A Northland teenager told a jury the actions of a man he allegedly stabbed to death prompted him to swing his pocket knife in order to protect his angry and fearful cousins.
The 15-year-old is charged with the murder of Bram Willems who was stabbed seven times in the chest area and when he collapsed to the ground, a further six stab wounds were inflicted near the Roadrunner Tavern between Ōpua and Paihia.
One of the stab wounds pierced his heart and proved fatal.
The boy, who has name suppression, elected to give evidence when the defence opened its case before a jury in the High Court at Whangārei on Friday.
He was 14 when he allegedly killed Willems.
The teenager told the jury he first met Willems a month or so earlier when the latter pulled over beside him near Haruru Falls when he was riding his push bike, asked what he was doing, and offered him drinks and cannabis which he accepted.
They spent a few hours together that day and exchanged texts after the first meeting.
On January 7, he said Willems texted him to say he had bought and new car and whether he wanted to go for a ride.
He and a male cousin went with Willems and they bought liquor and cannabis and went to various places.
The teenager said he texted a female cousin during the course of the day and asked if she wanted to also come for a drive and she agreed.
After more drinks and cannabis at a spot near a river, it was decided the female cousin would drive as she was sober.
The 15-year-old said at the McDonalds drive through in Kerikeri, Willems tried to reach for her leg from the front passenger's side which annoyed them.
On another occasion, he said Willems put his arm around her as he was trying to impress his cousin with his car and money.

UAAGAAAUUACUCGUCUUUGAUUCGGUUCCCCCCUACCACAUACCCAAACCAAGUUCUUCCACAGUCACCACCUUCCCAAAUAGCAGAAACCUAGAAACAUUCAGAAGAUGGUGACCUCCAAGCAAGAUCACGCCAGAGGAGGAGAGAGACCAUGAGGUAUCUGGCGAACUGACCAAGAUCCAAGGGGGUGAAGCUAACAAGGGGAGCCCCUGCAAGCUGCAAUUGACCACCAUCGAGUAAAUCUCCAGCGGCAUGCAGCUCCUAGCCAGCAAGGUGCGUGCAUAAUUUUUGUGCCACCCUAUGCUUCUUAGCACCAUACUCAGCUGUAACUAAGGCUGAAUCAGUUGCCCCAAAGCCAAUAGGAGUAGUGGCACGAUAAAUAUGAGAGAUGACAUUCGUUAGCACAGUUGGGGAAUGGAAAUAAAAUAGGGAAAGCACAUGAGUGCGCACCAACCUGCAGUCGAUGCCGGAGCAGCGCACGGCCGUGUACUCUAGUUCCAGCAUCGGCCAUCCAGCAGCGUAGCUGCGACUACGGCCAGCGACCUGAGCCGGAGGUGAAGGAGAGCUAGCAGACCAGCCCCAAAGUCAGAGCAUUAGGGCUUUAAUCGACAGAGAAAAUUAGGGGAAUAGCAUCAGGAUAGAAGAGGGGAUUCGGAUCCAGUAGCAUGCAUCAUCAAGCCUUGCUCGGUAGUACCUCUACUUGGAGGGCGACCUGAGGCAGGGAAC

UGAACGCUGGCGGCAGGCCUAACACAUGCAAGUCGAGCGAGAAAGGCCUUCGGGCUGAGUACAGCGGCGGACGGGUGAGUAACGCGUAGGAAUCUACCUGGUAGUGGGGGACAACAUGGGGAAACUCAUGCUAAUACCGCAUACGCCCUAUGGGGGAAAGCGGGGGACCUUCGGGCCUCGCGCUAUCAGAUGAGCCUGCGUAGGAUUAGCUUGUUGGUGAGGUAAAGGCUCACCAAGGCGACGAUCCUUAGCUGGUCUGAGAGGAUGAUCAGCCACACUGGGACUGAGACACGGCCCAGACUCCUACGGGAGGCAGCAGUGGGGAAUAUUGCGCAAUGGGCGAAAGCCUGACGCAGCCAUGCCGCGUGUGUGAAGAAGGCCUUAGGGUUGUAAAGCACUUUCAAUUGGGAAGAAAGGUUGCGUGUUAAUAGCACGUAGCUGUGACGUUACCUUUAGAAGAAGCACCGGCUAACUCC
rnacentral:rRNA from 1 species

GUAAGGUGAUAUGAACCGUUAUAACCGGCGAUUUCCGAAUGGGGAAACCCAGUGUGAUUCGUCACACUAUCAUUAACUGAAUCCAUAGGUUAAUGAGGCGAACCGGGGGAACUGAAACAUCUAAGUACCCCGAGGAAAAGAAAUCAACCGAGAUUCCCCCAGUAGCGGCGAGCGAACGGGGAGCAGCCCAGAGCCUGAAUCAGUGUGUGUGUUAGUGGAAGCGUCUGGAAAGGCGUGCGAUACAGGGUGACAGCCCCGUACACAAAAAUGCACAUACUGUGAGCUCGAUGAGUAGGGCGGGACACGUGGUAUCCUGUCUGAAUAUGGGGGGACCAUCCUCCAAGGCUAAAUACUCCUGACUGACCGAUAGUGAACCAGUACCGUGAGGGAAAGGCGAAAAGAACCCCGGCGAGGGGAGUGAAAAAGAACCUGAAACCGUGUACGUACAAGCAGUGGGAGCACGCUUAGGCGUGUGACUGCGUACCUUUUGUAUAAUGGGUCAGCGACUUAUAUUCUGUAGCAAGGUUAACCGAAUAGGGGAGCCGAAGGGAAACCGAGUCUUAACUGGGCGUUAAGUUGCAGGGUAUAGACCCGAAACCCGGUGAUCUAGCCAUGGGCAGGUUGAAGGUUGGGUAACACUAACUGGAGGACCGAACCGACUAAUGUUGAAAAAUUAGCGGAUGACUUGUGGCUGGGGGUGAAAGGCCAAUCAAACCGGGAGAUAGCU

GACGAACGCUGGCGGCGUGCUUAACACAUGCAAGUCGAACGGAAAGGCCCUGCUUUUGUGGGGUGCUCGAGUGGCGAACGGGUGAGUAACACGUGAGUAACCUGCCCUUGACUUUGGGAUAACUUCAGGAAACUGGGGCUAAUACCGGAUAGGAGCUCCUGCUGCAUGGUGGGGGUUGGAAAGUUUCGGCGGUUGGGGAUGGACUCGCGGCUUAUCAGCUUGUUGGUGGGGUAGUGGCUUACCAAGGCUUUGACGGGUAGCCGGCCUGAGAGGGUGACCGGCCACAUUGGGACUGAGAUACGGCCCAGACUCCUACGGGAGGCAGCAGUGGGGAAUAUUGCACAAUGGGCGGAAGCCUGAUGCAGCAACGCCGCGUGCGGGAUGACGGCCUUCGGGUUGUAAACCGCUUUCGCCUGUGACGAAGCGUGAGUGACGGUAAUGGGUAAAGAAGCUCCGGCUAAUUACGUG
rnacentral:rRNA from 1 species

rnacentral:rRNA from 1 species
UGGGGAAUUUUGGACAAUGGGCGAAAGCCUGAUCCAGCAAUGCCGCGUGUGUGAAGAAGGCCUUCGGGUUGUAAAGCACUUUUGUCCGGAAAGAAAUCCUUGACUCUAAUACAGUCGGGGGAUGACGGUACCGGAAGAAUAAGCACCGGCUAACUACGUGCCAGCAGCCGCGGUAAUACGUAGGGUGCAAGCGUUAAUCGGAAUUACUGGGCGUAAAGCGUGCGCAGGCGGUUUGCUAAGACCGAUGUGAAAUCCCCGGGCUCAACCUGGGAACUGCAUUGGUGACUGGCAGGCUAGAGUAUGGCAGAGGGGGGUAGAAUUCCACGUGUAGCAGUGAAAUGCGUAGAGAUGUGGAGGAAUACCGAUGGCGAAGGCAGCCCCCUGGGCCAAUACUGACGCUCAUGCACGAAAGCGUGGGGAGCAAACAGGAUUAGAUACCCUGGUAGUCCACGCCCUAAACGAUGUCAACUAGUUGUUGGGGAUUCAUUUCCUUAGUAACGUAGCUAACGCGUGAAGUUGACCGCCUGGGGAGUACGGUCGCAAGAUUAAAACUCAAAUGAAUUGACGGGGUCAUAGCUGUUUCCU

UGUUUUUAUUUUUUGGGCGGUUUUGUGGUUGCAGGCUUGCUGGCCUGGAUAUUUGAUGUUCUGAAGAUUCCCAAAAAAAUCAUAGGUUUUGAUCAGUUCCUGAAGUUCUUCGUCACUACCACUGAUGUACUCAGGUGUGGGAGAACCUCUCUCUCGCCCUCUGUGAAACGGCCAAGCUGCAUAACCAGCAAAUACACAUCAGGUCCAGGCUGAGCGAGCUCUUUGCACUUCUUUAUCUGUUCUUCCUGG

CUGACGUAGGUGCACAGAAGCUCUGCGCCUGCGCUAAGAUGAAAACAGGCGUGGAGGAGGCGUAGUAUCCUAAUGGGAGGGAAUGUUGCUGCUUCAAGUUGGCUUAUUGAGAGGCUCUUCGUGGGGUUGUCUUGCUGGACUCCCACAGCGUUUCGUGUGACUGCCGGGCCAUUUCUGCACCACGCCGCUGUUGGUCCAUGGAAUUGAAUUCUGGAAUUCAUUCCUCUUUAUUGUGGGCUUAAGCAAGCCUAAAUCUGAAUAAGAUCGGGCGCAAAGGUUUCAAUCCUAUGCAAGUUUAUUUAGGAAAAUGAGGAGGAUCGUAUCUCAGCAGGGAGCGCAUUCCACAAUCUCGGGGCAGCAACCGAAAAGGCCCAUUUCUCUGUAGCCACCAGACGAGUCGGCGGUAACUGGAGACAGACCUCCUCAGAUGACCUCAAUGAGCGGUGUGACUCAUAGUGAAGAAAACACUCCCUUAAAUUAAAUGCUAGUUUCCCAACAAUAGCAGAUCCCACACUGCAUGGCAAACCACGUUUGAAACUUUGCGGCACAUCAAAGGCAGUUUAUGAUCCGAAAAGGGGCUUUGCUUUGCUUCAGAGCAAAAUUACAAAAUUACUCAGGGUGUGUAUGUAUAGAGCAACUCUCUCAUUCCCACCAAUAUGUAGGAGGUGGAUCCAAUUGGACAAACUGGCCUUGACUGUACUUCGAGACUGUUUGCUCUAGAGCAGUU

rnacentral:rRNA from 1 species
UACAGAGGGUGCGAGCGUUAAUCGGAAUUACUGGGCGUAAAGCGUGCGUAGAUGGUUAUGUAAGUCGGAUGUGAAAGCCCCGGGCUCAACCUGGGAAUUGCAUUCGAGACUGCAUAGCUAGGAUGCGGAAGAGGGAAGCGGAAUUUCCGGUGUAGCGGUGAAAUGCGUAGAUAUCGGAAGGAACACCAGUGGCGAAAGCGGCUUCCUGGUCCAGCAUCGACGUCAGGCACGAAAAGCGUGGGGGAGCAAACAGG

Willems started talking about drugs, gangs and having been to jail and that upset the cousins more, he said.
At one point between Kawakawa and Moerewa, the defendant said Willems told his male cousin he would kill him.
The cousins and Willems argued on stopovers in central Kawakawa and at the Bay of Islands College carpark before they asked Willems to drop them off where they were staying near the tavern.
On the way home, the teenager said his female cousin had a panic attack, was crying and couldn't breathe as a result of Willem's actions.
When they arrived at the drop-off point, he said Willems got out of the car and wanted to see her but they told him to leave.
He said Willems hid a knife under his sleeve, came round behind the car, asked him if he had a knife and when he replied in the affirmative, Willems said "come on then" and lunged towards him.
The teen had a pocket knife which he always carried for personal use.
Both swung their knives at each other before the male cousin knocked the knife off Willems.
"It was dark, I couldn't see anything. I was swinging and we both ended up on the ground," he said.
Defence lawyer Ron Mansfield will call an expert witness on Monday who will talk about young people's cognitive development and behaviour.